Horst P. Horst Recalls His First Nude, and Nearly Nude, Shoots

Horst P. Horst captured some of the most iconic photographs, and personas, of the 20th century. But despite his notoriety, we know much more about his classic images—which are the subject of endless study, praise, and commentary—than is heard from the legend himself. But Horst did offer rare reflections on two of his most iconic photographs:

Mainbocher Corset (1939)

“It was the last photograph I took in Paris before the war,” Horst said of his iconic Mainbocher Corset. Capturing a blonde model from behind, the photograph reveals her unraveling corset, designed by Detolle for the American couturier Main Rousseau Bocher. The image—and the pink satin corset—were a sensation, and appeared in the September issue of Vogue in 1939. Hours after completing the photoshoot in Vogue’s Paris studio, at 4am, Horst left for the train station to flee the impending occupation of Paris, and it was three months yet before Condé Nast, the owner of Vogue, would agree to publish the image. “At that time Mr. Nast wouldn’t dream of showing a nude,” Horst once told The New York Times. In order to make the cut, the image was airbrushed to appear less exposed. “I had left it open,” Horst had added, “because it captured the mood in France in 1939, the idea of escape.”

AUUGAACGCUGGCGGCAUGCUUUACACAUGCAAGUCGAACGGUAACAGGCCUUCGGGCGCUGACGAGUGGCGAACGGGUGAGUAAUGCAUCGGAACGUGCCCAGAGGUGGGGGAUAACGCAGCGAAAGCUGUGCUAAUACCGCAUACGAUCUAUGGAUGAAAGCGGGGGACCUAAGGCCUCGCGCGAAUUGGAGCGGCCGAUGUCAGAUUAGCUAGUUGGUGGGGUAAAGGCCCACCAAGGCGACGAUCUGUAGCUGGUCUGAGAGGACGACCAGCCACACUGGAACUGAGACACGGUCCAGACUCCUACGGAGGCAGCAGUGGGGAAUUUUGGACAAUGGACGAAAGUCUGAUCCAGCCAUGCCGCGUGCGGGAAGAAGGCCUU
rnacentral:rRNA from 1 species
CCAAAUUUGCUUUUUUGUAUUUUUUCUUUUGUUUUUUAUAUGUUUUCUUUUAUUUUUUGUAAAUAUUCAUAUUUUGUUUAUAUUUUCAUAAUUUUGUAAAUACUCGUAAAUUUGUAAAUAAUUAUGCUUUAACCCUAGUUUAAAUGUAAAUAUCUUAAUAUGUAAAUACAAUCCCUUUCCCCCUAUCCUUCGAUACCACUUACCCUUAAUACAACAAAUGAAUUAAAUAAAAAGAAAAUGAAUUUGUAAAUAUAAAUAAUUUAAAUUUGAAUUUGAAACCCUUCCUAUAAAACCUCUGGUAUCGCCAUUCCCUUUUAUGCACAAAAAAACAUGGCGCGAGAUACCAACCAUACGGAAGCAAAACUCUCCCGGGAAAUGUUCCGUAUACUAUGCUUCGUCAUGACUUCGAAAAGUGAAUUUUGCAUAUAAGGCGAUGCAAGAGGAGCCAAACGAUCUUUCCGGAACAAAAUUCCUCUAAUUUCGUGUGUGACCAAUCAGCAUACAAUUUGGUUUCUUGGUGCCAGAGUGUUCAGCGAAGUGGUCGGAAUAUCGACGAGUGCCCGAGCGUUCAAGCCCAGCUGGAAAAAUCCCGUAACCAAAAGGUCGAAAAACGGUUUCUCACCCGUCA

Lisa with Harp (1939)

“One day I wanted to make some nude photographs, which I had never done before,” Horst said of his most famous set of nudes and his initial attempt to shoot them—with favorite model Lisa Fonssagrives.“[Lisa] had a very beautiful body, and was not afraid of her body—she was used to Nacktkultur,” he said, referring to the nudist movement in Germany at the time … one Condé Nast was not yet ready for. Horst’s iconic double-exposure photograph of Lisa, overlaid with a harp, was taken in Condé Nast’s commercial studios. When word got out that Horst had taken nudes on site (notably, to fellow photographer Cecil Beaton, who was ready to follow suit), Mr. Nast quickly put an end to the nude shoots. But for Horst, it was only the beginning, and the rest of his iconic nudes were photographed in studios elsewhere.

Collect photographs by legendary photographer Horst P. Horst from Vogue Archives, exclusively on Artsy.

Share article